Franklin - Brentwood Edition - January 2021

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Students at Williamson County Schools who enrolled in the district’s online learning program saw slightly lower passing rates than in-person students at the same time in 2019-20. For the spring semester of the 2020-21 school year, about 25% of previously online students have opted to return to in-person learning. Online learning

third grade—have lower prociency rates than what the district has typ- ically seen in the past. Only 67% of rst-graders, who would have been kindergarten students in the 2019-20 school year, showed prociency in reading, and only 66% showed pro- ciency in math. “One of the biggest challenges is that K-[second grade] is dedicated to learn- ing to read, so when kids are learning to read, any hiccup along that process is going to have dramatic impacts, whereas when kids are older, they’re using their reading skills to learn more information,” said David Allen, assis- tant superintendent of teaching, learn- ing and assessment for WCS. At district middle schools, average scores for reading and math among students in grades 6-8 decreased by 2%-9% as compared to scores from last year, a net 4% decrease in reading and a net 7% decrease in math. Statewide, concerns about reading skills are much the same. Even prior to the pandemic, early literacy was a concern for students statewide. According to SCORE, only one in three third-graders in Tennessee is reading at an appropriate grade level. “Literacy rates are not great for any students in the state, and we, in par- ticular, focus on literacy prociency at the end of third grade because if you haven’t learned to read well by the end of third grade, the data shows that students don’t catch up in the later years,” Wasson said. Online learning, inequity gaps WCS assessments also show that online learners have a slightly lower passing rate than in-person students as compared to data from the 2019- 20 school year, according to the dis- trict. In the rst quarter of the 2020-21

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Statewide, education experts esti- mate learning loss could range from a few months to up to a year of lost time, which school districts are work- ing hard to recover. Teresa Wasson, director of strategic communications for the State Collab- orative on Reforming Education, or SCORE—a nonpartisan, nonprot edu- cation advocacy group—said Tennes- see is suering from the short-term eects of learning loss and long-term evidence is also becoming apparent. “Everybody knows this has been an extraordinary year, and there’s a lot of concern about learning loss, under- standably, and student experience has been very, very dierent during this pandemic, even within the same district,” Wasson said. Learning loss While the district did not conduct TNReady or TCAP assessments during the 2019-20 school year, WCS fall data indicates some scores decreased as compared to those of years past. In a special meeting Dec. 17, Golden presented the results of those assess- ments to theWCS Board of Education. He said the district issued additional screening assessments in early Jan- uary, the results of which will be reviewed at the end of the year to see how students progressed. “We don’t have anything to com- pare it to for the years past, but it does give us a driver so we can compare what’s happening in the fall to what’s happened in the winter and what’s happening in the spring as we nish the year,” Golden said. Golden said data at the elemen- tary level shows students in younger grades—particularly those lower than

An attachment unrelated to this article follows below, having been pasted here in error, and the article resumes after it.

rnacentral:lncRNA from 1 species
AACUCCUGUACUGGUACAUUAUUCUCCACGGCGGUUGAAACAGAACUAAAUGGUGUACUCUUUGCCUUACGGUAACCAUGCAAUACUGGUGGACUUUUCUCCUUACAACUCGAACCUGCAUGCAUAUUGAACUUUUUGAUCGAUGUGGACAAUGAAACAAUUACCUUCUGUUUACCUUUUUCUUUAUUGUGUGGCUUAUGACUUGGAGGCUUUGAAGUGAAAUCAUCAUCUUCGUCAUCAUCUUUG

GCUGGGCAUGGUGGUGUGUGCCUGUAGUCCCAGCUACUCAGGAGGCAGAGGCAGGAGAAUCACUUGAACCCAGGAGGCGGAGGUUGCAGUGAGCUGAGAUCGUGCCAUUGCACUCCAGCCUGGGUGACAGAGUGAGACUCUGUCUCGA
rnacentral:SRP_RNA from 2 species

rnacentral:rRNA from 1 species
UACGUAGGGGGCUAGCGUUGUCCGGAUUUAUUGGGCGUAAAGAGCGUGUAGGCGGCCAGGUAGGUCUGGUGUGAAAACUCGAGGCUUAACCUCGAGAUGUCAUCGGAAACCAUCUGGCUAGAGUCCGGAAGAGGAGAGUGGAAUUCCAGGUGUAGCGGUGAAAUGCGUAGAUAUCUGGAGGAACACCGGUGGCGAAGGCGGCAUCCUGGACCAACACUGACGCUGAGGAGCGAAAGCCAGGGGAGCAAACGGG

Elementary school

Middle school

High school

Fall 202021

Total: 6,751 online students

3,300

1,613

1,838

Spring 202021 2,271

Total: 5,066 online students

1,055

1,740

SOURCE: WILLIAMSON COUNTY SCHOOLS COMMUNITY IMPACT NEWSPAPER

school year, high school passing rates were 1.6% lower than they were at the same time the previous year for in-person students. Among online learners, passing rates were 3.8% lower than the previous year. “We were concerned that this was a risk—that the online students would have a higher failure rate, and they do,” Golden said. “So what that means is more intervention, more intervention.” That rate could change again in spring semester assessments, as 25% of online learners opted to return to campus at the start of 2021. Middle and elementary school students saw the highest rates of returning to cam- pus, as a combined 1,587 students opted not to continue online learning. While there has been a loss in learn- ing prociency overall, Wasson said, such losses are often more signicant for students of color and those who are economically disadvantaged. Additionally, the eects of the pan- demic on learning do not end after graduation, according to SCORE. The organization estimates an average

19% of students statewide did not enroll in community college programs in 2020. Racial gaps are evident there as well: White student enrollment was down by 17%, and Black student enrollment was down by 31%. “That’s very troubling given the fact that most jobs in Tennessee now and in the future are going to require employees to have that kind of educa- tion after high school,” Wasson said. Student intervention By pursuing early intervention, school ocials said they hope to close

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